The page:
Before you dive into the cloud it's important to look at any extra features and the amount of storage offered by each service.
Unless you want to stick to storing and syncing, a few extra features can enhance your experience in the cloud. Live document editing and third party integration can streamline on-the-go work and sharing particularly with social networking sites. Of course, you may be content with a service that strips things back to the bare essentials without any of the complicated bells and whistles, meaning the lack of features could be a feature in itself.
Dropbox is arguably the best-known sync service. It takes a relatively bare bones with very few functions outside storage and sharing, but even an absolute beginner can start syncing files in next to no time. The trade-off is a lack of versatility. There is only one hot folder for example.
Extra features tend to vary between services but most include a document viewer and file versioning (see jargon buster) while others let you edit files in the cloud and even stream media. Google Drive for example lets you access and edit files via Google web apps. It includes robust Office-style apps that are compatible with many file types.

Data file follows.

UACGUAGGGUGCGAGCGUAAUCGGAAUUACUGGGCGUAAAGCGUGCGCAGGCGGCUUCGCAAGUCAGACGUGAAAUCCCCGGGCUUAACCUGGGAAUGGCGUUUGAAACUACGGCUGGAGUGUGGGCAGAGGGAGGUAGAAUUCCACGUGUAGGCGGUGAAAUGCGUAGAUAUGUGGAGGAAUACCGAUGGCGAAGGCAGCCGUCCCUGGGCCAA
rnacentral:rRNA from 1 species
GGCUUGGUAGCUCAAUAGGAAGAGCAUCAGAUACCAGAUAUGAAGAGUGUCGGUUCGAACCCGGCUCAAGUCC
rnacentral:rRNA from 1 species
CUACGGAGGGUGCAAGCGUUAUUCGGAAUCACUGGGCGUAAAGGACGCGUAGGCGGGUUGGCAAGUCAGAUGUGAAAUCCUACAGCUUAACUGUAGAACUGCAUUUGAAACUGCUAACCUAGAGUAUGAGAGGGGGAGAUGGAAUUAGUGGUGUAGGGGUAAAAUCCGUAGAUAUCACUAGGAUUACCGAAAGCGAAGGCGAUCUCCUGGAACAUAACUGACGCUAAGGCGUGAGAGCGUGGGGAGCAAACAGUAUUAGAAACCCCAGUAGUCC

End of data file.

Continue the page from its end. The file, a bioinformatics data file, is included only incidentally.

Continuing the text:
Just how big are we talking here?
Fancy features are a nice touch but the essence of cloud servers is storage space and with a free account, bigger is usually better. Most services on test start you off with 5-10GB for free which is often enough for storing your most important documents. If you’re thinking of syncing high quality photos, audio and video files you may want to consider a service with more space. MediaFire and Google Drive give you 12 and 15GB respectively just for signing up. You can often earn more free storage space by referring friends to the service or you can buy more space with a monthly/annual subscription.
But before you open up your wallet it’s important to consider the practicalities of buying more storage. Every time your magic folder syncs you’re adding to your monthly upload/download limit which can quickly cap out if you don’t stay vigilant. Although 50GB of cloud storage may sound great, if your ISP limits you to 25GB per month then you’re unlikely to completely utilise the space.
On most days you’re unlikely to be uploading massive files, but on the rare occasion that you need to send a few gigabytes to the cloud, you need to know whether your service puts any restrictions on file sizes. Amazon, Cubby and SkyDrive don’t allow files any larger than 2GB for example, whereas Drive lets you store anything up to 10GB in size.